Most of Twitter in Malaysia are against the darurat or emergency. The hashtags Istana Negara (5 825 Tweets) and Awani (5 774 Tweets) are trending.

The royal rulers of Malaysia are in a special meeting to decide on the Prime Minister’s proposals for a COVID-19 emergency.

But the word emergency brought Malaysians on Twitter in particular to explode into a rage.

They are against such a move and are accusing the PM of trying to save his post with a bogus emergency.


According to Straits Times Singapore, the Malaysian King is to deliver the decision by the rulers today.

The royal rulers are at Istana Negara in Kuala Lumpur to discuss emergency measures proposed by PM Muhyiddin Yassin.

The King, Sultan Abdullah Ahmad Shah, called for the special meeting with the Malay rulers to discuss and refine suggestions proposed by Muhyiddin.

The latter wants to call a national state of emergency. The people and several leaders and observers are against the idea which attracted widespread condemnation.

The government is facing a protracted political crisis and is struggling to control an escalating pandemic.

Reports suggest Muhyiddin has lost his thin majority in Parliament. Several Umno MPs spoke against the idea of an emergency in Malaysia.

An Umno MP has also sent a motion of no-confidence to Parliament but the Speaker of the House has refused to allow it to be debated.

This is seen by some pro-government MPs as a move to protect the Prime Minister from the no-confidence crisis.


#ProtesDarurat posters are seen in the train station

#ProtestDarurat trending on Twitter this morning now posters with the hashtag is seen at train stations.

In the afternoon, it is #BantahDarurat that is trending in Malaysia, along with #MuhyiddinOut.

Twitter was upside down in Malaysia with news the government is planning to impose emergency rule.

The Prime Minister Muhyiddin Yassin had an audience with the King to propose his plans for the emergency.

Malaysians took to Twitter and other social media networks to criticise the move. They are angry Malaysians who are pointing out that “the plan is bogus and is a political ploy.”

At least, this is what we understand while scrolling through the numerous viral tweets. See article link below on this.


Nevertheless, A4 size posters with the #ProtesDarurat printed on it is seen at train stations. They are also on lampposts in Petaling Jaya.

It appears the people are not only using the social media to protest, they are also using this method which is reaching out to those not on social media perhaps.

See some tweets on the posters in KL.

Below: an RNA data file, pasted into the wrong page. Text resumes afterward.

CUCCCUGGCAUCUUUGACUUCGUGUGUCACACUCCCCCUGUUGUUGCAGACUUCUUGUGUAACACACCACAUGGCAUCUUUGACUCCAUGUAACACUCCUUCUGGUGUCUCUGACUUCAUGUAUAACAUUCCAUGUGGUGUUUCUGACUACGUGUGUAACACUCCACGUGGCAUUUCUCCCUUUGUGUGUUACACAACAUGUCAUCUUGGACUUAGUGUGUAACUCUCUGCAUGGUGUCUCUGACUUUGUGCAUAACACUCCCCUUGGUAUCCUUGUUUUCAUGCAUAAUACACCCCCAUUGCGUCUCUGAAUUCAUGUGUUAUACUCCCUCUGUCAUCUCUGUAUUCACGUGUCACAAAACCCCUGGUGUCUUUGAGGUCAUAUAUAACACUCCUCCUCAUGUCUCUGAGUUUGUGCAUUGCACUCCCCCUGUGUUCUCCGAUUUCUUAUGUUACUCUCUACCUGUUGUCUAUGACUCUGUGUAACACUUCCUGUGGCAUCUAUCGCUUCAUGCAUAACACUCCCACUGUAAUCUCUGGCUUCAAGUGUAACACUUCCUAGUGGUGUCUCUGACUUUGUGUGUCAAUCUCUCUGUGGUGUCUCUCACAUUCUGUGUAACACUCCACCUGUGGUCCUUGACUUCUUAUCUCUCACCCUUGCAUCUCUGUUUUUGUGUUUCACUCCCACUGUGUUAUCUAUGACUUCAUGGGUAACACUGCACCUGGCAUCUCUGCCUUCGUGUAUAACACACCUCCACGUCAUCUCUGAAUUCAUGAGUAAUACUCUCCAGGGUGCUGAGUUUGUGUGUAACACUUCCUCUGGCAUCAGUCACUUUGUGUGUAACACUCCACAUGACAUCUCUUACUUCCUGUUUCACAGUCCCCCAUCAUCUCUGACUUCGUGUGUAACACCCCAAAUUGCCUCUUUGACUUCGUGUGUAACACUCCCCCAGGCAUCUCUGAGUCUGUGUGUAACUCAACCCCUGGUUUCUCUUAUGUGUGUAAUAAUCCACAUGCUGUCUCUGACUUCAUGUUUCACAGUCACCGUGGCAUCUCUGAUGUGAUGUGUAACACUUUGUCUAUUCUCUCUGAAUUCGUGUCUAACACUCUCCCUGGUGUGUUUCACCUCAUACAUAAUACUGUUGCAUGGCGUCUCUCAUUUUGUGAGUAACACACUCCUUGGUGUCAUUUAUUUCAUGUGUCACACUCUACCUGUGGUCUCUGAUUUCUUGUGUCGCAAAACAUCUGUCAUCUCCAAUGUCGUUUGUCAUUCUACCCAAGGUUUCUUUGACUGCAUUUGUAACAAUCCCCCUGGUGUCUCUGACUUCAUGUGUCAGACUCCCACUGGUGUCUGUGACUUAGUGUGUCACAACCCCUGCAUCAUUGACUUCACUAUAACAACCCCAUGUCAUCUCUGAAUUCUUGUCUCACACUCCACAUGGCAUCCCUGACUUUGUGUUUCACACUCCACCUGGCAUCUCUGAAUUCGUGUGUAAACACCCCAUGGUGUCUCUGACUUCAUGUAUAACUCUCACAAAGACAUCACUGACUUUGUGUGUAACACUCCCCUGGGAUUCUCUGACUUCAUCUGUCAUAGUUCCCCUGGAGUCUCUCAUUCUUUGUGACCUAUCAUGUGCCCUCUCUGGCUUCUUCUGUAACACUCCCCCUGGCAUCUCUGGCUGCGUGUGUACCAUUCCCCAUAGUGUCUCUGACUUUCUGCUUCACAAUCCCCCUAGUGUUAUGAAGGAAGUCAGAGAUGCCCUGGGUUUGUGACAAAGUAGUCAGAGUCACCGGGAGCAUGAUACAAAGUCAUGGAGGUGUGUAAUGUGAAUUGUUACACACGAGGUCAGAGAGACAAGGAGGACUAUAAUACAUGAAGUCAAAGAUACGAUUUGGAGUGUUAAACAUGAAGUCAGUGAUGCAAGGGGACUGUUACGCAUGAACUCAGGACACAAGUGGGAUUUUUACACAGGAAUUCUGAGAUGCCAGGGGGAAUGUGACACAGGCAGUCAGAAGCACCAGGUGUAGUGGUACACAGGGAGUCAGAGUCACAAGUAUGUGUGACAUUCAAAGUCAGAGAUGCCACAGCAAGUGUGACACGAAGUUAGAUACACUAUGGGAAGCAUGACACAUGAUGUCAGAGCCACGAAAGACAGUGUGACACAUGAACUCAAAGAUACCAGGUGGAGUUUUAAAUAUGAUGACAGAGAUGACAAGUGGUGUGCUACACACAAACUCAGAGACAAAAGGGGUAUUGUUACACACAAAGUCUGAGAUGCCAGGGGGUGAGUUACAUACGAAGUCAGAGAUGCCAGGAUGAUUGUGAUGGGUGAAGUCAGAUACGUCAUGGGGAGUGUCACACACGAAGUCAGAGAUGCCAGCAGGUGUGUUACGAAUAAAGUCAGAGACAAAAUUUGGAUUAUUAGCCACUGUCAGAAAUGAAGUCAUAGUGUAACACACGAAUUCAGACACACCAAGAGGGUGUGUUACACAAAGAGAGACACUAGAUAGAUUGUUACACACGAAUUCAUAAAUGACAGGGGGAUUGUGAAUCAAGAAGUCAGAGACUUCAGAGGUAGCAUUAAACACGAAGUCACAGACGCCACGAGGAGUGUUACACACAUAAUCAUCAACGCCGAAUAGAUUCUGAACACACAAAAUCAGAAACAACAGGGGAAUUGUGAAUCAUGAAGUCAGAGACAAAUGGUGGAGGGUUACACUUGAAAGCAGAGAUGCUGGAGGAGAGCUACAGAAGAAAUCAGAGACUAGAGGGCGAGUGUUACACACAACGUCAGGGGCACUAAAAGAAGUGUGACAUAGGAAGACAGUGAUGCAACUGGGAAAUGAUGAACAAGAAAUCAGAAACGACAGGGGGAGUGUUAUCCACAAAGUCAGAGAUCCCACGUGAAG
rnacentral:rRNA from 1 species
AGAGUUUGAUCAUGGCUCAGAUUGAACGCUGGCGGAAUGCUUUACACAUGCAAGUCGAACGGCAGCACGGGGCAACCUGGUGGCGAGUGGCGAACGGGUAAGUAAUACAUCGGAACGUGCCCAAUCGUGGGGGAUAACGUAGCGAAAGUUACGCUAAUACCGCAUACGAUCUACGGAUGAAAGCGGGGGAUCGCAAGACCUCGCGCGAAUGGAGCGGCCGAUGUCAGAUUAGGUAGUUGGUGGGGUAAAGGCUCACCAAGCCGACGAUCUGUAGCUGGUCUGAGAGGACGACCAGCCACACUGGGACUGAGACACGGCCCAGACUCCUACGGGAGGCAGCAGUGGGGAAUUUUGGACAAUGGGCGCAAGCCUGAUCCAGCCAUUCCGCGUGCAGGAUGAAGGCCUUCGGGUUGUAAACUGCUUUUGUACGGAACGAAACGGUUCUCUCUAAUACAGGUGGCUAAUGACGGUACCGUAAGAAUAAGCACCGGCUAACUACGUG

More #ProtesDarurat, on Petaling Jaya roadsigns & lampposts https://t.co/l84mJNmZ0p

— Zurairi A.R. (@zurairi) October 24, 2020



Posters are up apparently #protesdarurat pic.twitter.com/72r7p5NQrY

— malaysia was a mistake sukarno shouldve nuked us (@kuihsepotong) October 24, 2020

Malaysia in a state of emergency amid political rife, COVID-19?

The Malaysian Prime Minister Muhyiddin Yassin is urging the King of Malaysia to allow the imposition of a state of emergency in the country.

Government sources are saying the decision is taken to control the spreading of the COVID-19 (third wave).

But opponents are saying it is to save the PM from humiliation in the Parliament.

Muhyiddin is facing double jeopardy. There is a resurgent pandemic that has put some states back on controlled lockdown.

On the other hand, he is also facing a political onslaught from his government partners who are challenging his leadership.

Some of the members of a ruling party are also attacking Muhyiddin for not giving them a fairer share in power.

The Umno, the biggest Malay political organisation is making demands that Muhyiddin cannot grant.

On top of that, Anwar Ibrahim, the opposition leader has also asked the King to appoint him as PM. He commands a majority in Parliament with Umno MPs backing and his grouping Pakatan Harapan.

The PH has today opposed opposed declaring a state of emergency over the country.

The opposition accuse Muhyiddin of employing an emergency to suspend the Federal Constitution and to avoid a snap election.

They also accuse him of choosing emergency to prevent losing a vote of no-confidence in Parliament.

The political crisis is deepened in Malaysia with the Umno threatening to quit the fragile government.

No one knows the terms of the emergency but some sources say it will not be a ‘war time’ emergency.

They are saying it will be more of an economic, health emergency (on paper) to help the government fight the COVID-19 which is fast spreading in Peninsular Malaysia and in Sabah.